Little things can help staff and students manage stress, Rullman said, such as drinking enough water, having healthy snacks, limiting media, getting out in nature and taking a break every hour. The district’s students learn about positive self-talk, mindfulness practices, gratitude, breathing exercises and the value of sharing smiles and personal connections to build resilience.
Talent Elementary first grade teacher Jordan Lambert regularly takes her students through social and emotional lessons. In a recent video class, a student asked to do the mood meter, a simple color-coded tool to help students express their emotions.
“They want to talk about what they are feeling,” she said.
She explained how actions can affect feelings and told them how to listen to what their bodies are telling them about their mood.
One student said she was sad. The teacher expressed empathy and encouraged the class to offer her kind words. She told the student to hug her stuffed animal she was holding. She let the student be sad, let her know it was OK, and let her know they were there for her. Another student piped in that she needed kind words too.
The district has partnered with community health and counseling agencies to provide ongoing care and support for students, families and staff.
WinterSpring, one of Phoenix-Talent’s community partners, offers grief counseling.
When children are going through a traumatic event, it creates energy and they need an outlet, said Christine Hunter-Robertson, WinterSpring outreach and education director.
Hunter-Robertson said lessons should be broken up with creative outlets based on emotions. Imaginative play is especially important for children to process their feelings. For older students, writing, photography, music, film and other arts offer an outlet.
B Grace Bullock, senior mental health strategist for the Oregon Department of Education, said a lot of the current understandings of trauma-informed work are not always linguistically and culturally responsive. She said teachers need to be aware that some communities process grief differently and communities of color are under additional stresses.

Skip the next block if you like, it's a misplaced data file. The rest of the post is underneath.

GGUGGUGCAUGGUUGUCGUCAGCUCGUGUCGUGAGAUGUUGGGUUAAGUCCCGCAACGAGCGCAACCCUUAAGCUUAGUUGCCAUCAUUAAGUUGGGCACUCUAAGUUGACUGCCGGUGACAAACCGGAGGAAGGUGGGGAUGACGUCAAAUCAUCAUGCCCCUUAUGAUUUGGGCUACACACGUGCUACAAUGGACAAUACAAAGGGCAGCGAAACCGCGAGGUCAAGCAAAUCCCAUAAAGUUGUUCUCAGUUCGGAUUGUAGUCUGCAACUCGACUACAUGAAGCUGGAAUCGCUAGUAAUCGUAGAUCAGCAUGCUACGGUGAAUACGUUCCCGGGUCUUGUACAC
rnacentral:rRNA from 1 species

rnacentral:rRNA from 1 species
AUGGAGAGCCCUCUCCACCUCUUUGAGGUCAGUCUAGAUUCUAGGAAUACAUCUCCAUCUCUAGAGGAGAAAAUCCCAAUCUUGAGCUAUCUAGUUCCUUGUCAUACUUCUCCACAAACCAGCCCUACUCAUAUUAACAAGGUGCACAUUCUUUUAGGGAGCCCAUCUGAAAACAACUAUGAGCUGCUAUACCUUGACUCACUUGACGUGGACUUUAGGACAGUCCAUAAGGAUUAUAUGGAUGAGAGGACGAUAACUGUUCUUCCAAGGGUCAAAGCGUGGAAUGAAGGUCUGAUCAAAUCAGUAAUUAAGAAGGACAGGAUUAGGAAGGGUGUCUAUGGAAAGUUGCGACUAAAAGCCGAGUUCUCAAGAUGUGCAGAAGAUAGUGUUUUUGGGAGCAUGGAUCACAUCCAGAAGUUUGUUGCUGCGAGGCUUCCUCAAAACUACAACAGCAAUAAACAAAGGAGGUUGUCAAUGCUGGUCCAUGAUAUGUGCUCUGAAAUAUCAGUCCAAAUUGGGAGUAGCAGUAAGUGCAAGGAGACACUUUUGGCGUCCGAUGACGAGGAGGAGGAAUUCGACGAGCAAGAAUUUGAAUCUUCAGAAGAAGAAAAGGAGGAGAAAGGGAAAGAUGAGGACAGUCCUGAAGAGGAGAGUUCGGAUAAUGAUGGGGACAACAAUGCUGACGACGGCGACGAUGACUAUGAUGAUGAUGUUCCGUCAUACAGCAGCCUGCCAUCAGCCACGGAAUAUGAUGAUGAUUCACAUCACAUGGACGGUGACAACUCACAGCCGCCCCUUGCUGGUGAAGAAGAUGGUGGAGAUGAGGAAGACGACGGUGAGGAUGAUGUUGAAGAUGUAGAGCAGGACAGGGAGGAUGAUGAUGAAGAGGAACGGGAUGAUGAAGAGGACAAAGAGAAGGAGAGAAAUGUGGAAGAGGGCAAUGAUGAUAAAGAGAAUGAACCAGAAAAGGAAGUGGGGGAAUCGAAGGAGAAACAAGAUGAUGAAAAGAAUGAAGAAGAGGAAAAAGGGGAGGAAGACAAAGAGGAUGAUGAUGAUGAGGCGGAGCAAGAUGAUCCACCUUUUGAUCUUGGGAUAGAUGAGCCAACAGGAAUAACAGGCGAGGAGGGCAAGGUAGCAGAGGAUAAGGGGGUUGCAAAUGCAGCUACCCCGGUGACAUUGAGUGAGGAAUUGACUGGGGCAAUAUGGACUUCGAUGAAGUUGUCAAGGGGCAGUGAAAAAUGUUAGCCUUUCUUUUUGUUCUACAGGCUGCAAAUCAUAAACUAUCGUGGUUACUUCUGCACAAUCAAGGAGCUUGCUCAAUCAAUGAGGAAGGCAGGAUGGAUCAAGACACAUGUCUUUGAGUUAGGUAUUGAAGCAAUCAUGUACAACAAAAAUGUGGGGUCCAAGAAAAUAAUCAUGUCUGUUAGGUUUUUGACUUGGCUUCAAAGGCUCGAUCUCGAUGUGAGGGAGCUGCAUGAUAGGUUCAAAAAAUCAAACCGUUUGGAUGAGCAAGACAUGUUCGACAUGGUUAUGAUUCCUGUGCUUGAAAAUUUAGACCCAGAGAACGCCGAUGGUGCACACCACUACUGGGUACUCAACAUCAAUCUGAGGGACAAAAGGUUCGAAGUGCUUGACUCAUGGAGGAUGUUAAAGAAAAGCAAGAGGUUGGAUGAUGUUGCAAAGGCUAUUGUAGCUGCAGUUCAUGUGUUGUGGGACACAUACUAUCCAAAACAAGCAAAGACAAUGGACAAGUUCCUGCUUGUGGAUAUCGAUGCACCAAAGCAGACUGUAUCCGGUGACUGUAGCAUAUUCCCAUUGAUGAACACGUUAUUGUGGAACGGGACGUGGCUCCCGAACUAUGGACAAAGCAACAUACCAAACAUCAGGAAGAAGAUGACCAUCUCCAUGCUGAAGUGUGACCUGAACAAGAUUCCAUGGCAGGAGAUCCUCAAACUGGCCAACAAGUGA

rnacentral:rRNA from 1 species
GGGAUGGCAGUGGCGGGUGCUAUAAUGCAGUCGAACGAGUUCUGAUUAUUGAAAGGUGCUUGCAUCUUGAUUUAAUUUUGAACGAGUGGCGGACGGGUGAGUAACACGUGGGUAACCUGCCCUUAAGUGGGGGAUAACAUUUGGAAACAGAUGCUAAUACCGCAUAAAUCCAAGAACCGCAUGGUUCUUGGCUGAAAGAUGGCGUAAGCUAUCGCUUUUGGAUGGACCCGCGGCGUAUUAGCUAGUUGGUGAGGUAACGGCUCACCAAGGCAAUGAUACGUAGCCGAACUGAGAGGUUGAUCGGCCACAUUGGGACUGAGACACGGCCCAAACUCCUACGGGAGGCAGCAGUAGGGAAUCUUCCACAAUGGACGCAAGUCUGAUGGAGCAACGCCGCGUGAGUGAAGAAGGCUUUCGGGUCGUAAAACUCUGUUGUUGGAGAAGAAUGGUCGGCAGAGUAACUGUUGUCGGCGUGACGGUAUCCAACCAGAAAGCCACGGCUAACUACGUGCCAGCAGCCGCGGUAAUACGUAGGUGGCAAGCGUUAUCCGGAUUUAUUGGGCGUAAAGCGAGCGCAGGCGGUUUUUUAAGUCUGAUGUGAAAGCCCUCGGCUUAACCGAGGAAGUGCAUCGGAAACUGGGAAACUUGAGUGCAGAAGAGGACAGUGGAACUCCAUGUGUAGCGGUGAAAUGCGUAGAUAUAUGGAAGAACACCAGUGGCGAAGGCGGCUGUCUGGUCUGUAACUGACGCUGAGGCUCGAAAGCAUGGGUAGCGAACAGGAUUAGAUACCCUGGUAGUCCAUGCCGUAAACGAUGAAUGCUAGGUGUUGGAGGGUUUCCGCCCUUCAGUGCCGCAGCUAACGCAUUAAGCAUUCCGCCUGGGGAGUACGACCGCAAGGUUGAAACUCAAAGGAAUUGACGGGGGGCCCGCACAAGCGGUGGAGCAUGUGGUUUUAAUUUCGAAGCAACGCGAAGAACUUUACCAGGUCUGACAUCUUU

Nearly 40% of Phoenix-Talent students are Latino.
La Clinica, a culturally mindful and affordable health care provider, helps Phoenix-Talent bridge cultural gaps in support services. The nonprofit’s presence in the schools since 2005 makes them a trusted resource in a community that is sometimes wary of seeking help.
Teachers should also be mindful of gender differences. Young men often use humor to deal with anxiety and have been socialized to see anger as one of the few acceptable emotions. Young women, on the other hand, sometimes need to be taught that it is OK for them to be angry when tragedy strikes.
Bullock said students need to be given more behavioral leeway after a traumatic event. She said students will have a range of responses and teachers shouldn’t just assume that every student is traumatized.
Teachers should watch for students who are really distracted, acting out, or just not engaging, especially if a student shows a rapid shift in behavior, and get professional help if the behavior is serious, said Bullock.
Tragedy’s effects can manifest days, weeks, even years after an event. Schools will be seeing student emotional reactions to the wildfires for years to come, as well as reactions to other stressful 2020 events, such as the distance learning disruptions and the social unrest related to equity and racial justice.
“When people are in the midst of actively coping, that acts as a buffer,” Bullock said. “When people feel helpless, that is more likely to activate symptoms. There is no timeline.”
- Jake Arnold, OSBA